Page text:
Washington: Robert Mueller is a stickler for the rules. The special counsel team he led was a leakproof box, his spokesman seldom spoke and his only public statements came in the form of indictments and court filings.
But on March 27, three days after Attorney General William Barr cleared President Trump of criminal wrongdoing in a misleading and incomplete summary of Mr. Mueller’s report on the Russia investigation, the special counsel felt compelled to protest. In a letter made public on Wednesday, just as Mr. Barr was preparing to testify before the Senate Judiciary Committee, the American public got its first glimpse of how the special counsel thinks and speaks about his work.
Mr. Mueller’s tone and tenor are remarkable — and a sharp rebuke to Mr. Barr.
Mueller was frustrated about how Barr in late March portrayed the “principal conclusions” of the report, which was released in redacted form last month. In a letter to Barr on March 27, the substance of which was released late Tuesday, Mueller said the attorney general’s four-page summary “did not fully capture the context, nature, and substance of this office’s work and conclusions.”
“There is now public confusion about critical aspects of the results of our investigation,” Mueller wrote. “This threatens to undermine a central purpose for which the Department appointed the Special Counsel: to assure full public confidence in the outcome of the investigations.”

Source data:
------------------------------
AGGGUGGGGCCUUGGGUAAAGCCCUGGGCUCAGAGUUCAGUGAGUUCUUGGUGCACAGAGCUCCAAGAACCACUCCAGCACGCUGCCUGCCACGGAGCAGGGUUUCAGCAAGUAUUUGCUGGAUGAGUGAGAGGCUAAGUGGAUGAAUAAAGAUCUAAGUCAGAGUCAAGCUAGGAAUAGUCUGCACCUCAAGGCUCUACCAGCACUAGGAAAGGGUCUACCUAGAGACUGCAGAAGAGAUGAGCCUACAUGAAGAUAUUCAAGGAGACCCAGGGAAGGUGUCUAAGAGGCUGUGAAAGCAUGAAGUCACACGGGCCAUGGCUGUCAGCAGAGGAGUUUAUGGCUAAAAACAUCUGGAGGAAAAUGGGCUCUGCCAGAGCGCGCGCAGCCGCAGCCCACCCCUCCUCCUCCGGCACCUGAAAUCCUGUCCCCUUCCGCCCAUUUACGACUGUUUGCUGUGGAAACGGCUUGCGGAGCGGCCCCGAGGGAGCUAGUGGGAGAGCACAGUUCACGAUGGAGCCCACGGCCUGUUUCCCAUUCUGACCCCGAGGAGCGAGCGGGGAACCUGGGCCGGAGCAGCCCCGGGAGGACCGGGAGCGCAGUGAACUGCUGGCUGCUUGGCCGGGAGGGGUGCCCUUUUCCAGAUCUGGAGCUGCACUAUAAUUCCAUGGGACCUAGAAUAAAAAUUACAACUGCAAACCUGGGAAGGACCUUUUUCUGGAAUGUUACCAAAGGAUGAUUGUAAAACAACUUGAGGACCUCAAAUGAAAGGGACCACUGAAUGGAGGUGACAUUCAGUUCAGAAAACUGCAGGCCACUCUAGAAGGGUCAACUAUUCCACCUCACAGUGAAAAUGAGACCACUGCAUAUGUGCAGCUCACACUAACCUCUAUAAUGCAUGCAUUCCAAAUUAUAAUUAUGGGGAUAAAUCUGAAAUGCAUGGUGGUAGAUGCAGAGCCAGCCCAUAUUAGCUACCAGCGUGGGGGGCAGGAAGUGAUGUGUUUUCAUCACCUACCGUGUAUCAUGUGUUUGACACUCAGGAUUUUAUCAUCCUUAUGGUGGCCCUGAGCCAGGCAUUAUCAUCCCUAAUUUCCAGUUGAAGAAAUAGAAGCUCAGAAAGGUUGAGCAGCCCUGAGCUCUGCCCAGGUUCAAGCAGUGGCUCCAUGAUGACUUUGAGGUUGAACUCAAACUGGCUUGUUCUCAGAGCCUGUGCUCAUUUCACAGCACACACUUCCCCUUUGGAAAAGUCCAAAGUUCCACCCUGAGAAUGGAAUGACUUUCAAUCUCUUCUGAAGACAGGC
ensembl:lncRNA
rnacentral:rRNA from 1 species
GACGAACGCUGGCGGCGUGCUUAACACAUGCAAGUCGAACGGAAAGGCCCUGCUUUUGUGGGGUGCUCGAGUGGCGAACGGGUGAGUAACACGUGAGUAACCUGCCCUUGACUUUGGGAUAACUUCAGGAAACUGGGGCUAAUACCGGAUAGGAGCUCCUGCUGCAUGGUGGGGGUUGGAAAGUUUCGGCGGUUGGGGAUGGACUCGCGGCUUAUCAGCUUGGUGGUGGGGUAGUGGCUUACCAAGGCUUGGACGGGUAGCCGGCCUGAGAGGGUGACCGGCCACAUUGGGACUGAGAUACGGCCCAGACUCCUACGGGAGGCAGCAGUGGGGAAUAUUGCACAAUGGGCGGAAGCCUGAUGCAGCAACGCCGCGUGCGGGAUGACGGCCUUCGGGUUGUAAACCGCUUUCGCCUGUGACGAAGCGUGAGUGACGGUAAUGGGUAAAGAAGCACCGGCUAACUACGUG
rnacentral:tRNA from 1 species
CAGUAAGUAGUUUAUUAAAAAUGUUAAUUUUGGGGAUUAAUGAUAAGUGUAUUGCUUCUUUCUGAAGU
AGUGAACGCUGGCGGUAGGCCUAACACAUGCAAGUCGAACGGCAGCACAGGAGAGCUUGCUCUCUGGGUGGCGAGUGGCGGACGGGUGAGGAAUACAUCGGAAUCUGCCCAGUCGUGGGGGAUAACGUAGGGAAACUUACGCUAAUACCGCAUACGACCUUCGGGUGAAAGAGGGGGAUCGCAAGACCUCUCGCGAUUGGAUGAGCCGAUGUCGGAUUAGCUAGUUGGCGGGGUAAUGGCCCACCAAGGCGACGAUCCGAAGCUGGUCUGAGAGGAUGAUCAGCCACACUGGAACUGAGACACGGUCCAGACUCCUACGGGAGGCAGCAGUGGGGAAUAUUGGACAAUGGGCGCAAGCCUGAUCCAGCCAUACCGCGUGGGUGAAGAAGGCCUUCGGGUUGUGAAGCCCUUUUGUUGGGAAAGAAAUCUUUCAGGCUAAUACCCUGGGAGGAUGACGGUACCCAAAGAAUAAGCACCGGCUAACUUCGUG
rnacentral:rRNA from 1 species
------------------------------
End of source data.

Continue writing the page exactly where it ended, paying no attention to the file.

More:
Mueller’s letter was excerpted widely Tuesday night in media reports , but the full letter was made public Wednesday morning—as Barr prepared to testify about Mueller’s report before the Senate Judiciary Committee. The appearance is Barr’s first since the release of a redacted version of Mueller’s 448-page report .
Barr drew criticism in March for releasing a four-page summary that largely characterized Trump as being cleared by Mueller’s special counsel team. Mueller did not find the Trump campaign conspired with Russian actors, and the special counsel did not make a recommendation on whether Trump tried to obstruct the investigation.
Still, Mueller’s report was more damning than Barr presented it in a letter to Congress. Mueller in his letter urged Barr to release certain materials that Mueller said would “alleviate the misunderstandings that have arisen and would answer congressional and public questions about the nature and outcome of our investigation.”
After receiving Mueller’s letter, Barr called the special counsel to talk about it, the Justice Department said. Kerri Kupec, a DOJ spokesperson, described the call as “cordial and professional.” Mueller “expressed frustration over the lack of context and the resulting media coverage regarding the Special Counsel’s obstruction analysis,” Kupec said.
“They then discussed whether additional context from the report would be helpful and could be quickly released. However, the Attorney General ultimately determined that it would not be productive to release the report in piecemeal fashion,” Kupec said.